Casual Evangelist

A mission to learn a little about a lot…

Archive for March, 2009

My Pet Peeve with Music Marketing

Posted by Andrew on March 11, 2009

I got all fired up when I saw this.


No, it’s not the typo, but how I feel about how music is often marketed these days.

The Tone is Too “Corporate”

I know, it’s called the “Music Business” for a reason. But which word comes first? Good music is art, and art doesn’t often mix well with business. But PR and marketing types can do us all a favor and lose some of the tone that would be perfectly appropriate for a corporate earnings press release, but strips away any sense of the art that should be the focus of their efforts. It’s not just press releases, but site content, media kits, bios, etc.

Top offenders:

…opened for the likes of…

…exploded on the scene…

…combined 20 years of music experience…

And my new fav:

…song was featured bumper music on MTV’s Tool Academy.

If it’s a professional wedding band, go ahead. If your focus is on placing music in TV, that’s great too. For talented artists that aim to reach new audiences with original recordings and performances, this kind of publicity content simply sucks. Not to mention it can strip the artist of artistic dignity and credibility.

At the very least, keep content designed for industry audiences separate from content designed for public consumption.

One last thing: I know it’s tempting – and often required by business types like booking agents and label reps – but not every artist is a mashup of two or more other artists. Sure, we all have influences, but does your client really sound like John Lennon tripping over Liberace’s piano stool?

Isn’t it time for Rock ‘n Roll to be destroyed once again?


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Get Clogging with Amplify

Posted by Andrew on March 9, 2009

If you’re like me, the combination of Twitter use and time constraints have taken it’s toll on your blog. I’ve been pretty busy (a good thing), and when I’m online, I’m either devouring content or engaging with others on Twitter and Facebook rather than spending time blogging here. Clogging may be the perfect middle ground for individuals as well as a powerful information-sharing tool within the enterprise.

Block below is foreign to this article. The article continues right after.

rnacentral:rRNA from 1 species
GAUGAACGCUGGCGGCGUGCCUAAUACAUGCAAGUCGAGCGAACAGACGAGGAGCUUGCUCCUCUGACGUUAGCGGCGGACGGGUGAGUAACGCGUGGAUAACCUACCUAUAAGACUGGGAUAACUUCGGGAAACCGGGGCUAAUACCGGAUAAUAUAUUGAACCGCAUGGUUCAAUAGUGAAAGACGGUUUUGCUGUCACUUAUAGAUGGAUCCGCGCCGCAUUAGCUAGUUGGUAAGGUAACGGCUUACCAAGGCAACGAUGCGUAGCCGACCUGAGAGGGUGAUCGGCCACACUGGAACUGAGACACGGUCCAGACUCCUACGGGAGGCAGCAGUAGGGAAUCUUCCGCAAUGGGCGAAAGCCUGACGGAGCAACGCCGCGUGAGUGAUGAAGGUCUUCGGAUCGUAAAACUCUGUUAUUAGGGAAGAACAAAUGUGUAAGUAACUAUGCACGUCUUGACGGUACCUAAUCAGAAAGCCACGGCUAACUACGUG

WTF is a Clog?

A clog is a “Clip Blog,” and clogging is how Amplify aims to transform how we share what we’re reading with others.  Increasingly, many blog posts consist of little more than a few quotes from another article or blog, with a short commentary. In a sense, these are proto-clogs. The folks at Amplify (who are also the folks behind clipmarks) have created a platform for quick and easy clogging – with tools to make sharing this content very easy.

How it Works

When you find interesting content online that you think others (friends, colleagues, etc.), you use the “Amplify” plugin (currently for Firefox and IE) to highlight a portion of the content that will post on your clog, along with tags, categories, and a short commentary or introduction. Simple enough.

Tools are available that enable you to post each clog to your twitter or facebook account (think: “What I’m reading…”), and visitors can subscribe via RSS, leave comments, bookmark to delicious or stumbleupon, or post to facebook or twitter.

Amplify for Business

The economic downturn is putting pressure on businesses of all kinds, and the ones that do a better job of capturing and disseminating knowledge internally can have a leg up on the competition. I like things that have silo-destroying potential within organizations, and Amplify can be a great silo-smasher. Sales can read up on what Marketing is reading. Product Development can learn about market trends. Executives get up-to-date insight into competitive activities. And they can all converse around what they’ve found.

An Amplify clog can be open to the public (the likely setting for a personal clog) or private (ideal for an internal organization clog). Organizations using amplify can enable any or all of their employees to post to the main clog. While many employees may be hesitant to blog on an internal company site for fear of saying something stupid, a clog doesn’t have the same hurdles to adoption. It’s easier and quicker to do, and it’ s really as much about what you’re reading than what you have to say about it.

Amplify is currently in beta, but follow @amplifytheweb on twitter to get an invite.

My Amplify clog


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